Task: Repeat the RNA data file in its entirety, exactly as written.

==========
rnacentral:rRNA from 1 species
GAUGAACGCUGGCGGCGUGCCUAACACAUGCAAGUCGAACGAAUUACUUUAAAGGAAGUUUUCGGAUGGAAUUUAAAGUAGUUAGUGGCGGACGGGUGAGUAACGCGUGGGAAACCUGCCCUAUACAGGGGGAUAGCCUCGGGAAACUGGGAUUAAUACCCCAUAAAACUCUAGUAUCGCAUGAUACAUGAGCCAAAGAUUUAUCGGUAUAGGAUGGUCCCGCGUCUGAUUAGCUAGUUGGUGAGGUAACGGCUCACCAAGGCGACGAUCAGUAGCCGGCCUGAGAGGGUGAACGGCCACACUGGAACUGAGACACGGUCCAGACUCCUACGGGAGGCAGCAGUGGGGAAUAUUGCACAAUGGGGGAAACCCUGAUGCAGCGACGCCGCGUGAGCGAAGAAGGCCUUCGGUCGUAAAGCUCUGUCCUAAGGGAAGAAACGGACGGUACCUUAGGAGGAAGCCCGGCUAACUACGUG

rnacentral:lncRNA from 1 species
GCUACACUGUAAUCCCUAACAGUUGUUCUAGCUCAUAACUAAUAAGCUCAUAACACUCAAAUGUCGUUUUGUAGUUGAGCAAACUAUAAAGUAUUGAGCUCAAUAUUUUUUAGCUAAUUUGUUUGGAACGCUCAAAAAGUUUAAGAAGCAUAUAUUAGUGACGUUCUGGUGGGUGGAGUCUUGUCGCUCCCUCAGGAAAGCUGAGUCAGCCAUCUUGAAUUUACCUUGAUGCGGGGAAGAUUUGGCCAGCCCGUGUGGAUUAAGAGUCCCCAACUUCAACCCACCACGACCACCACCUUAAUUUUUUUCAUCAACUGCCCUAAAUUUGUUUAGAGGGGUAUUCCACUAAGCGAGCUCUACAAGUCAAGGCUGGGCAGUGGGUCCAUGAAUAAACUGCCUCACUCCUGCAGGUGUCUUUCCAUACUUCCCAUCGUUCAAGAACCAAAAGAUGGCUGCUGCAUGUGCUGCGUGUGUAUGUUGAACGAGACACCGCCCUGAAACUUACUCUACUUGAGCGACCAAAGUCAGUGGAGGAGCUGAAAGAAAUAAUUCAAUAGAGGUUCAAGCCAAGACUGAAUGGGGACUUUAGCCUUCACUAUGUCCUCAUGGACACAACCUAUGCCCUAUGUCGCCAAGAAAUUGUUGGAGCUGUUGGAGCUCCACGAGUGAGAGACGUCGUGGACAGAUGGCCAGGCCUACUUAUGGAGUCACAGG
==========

rnacentral:rRNA from 1 species
GAUGAACGCUGGCGGCGUGCCUAACACAUGCAAGUCGAACGAAUUACUUUAAAGGAAGUUUUCGGAUGGAAUUUAAAGUAGUUAGUGGCGGACGGGUGAGUAACGCGUGGGAAACCUGCCCUAUACAGGGGGAUAGCCUCGGGAAACUGGGAUUAAUACCCCAUAAAACUCUAGUAUCGCAUGAUACAUGAGCCAAAGAUUUAUCGGUAUAGGAUGGUCCCGCGUCUGAUUAGCUAGUUGGUGAGGUAACGGCUCACCAAGGCGACGAUCAGUAGCCGGCCUGAGAGGGUGAACGGCCACACUGGAACUGAGACACGGUCCAGACUCCUACGGGAGGCAGCAGUGGGGAAUAUUGCACAAUGGGGGAAACCCUGAUGCAGCGACGCCGCGUGAGCGAAGAAGGCCUUCGGUCGUAAAGCUCUGUCCUAAGGGAAGAAACGGACGGUACCUUAGGAGGAAGCCCGGCUAACUACGUG

rnacentral:lncRNA from 1 species
GCUACACUGUAAUCCCUAACAGUUGUUCUAGCUCAUAACUAAUAAGCUCAUAACACUCAAAUGUCGUUUUGUAGUUGAGCAAACUAUAAAGUAUUGAGCUCAAUAUUUUUUAGCUAAUUUGUUUGGAACGCUCAAAAAGUUUAAGAAGCAUAUAUUAGUGACGUUCUGGUGGGUGGAGUCUUGUCGCUCCCUCAGGAAAGCUGAGUCAGCCAUCUUGAAUUUACCUUGAUGCGGGGAAGAUUUGGCCAGCCCGUGUGGAUUAAGAGUCCCCAACUUCAACCCACCACGACCACCACCUUAAUUUUUUUCAUCAACUGCCCUAAAUUUGUUUAGAGGGGUAUUCCACUAAGCGAGCUCUACAAGUCAAGGCUGGGCAGUGGGUCCAUGAAUAAACUGCCUCACUCCUGCAGGUGUCUUUCCAUACUUCCCAUCGUUCAAGAACCAAAAGAUGGCUGCUGCAUGUGCUGCGUGUGUAUGUUGAACGAGACACCGCCCUGAAACUUACUCUACUUGAGCGACCAAAGUCAGUGGAGGAGCUGAAAGAAAUAAUUCAAUAGAGGUUCAAGCCAAGACUGAAUGGGGACUUUAGCCUUCACUAUGUCCUCAUGGACACAACCUAUGCCCUAUGUCGCCAAGAAAUUGUUGGAGCUGUUGGAGCUCCACGAGUGAGAGACGUCGUGGACAGAUGGCCAGGCCUACUUAUGGAGUCACAGG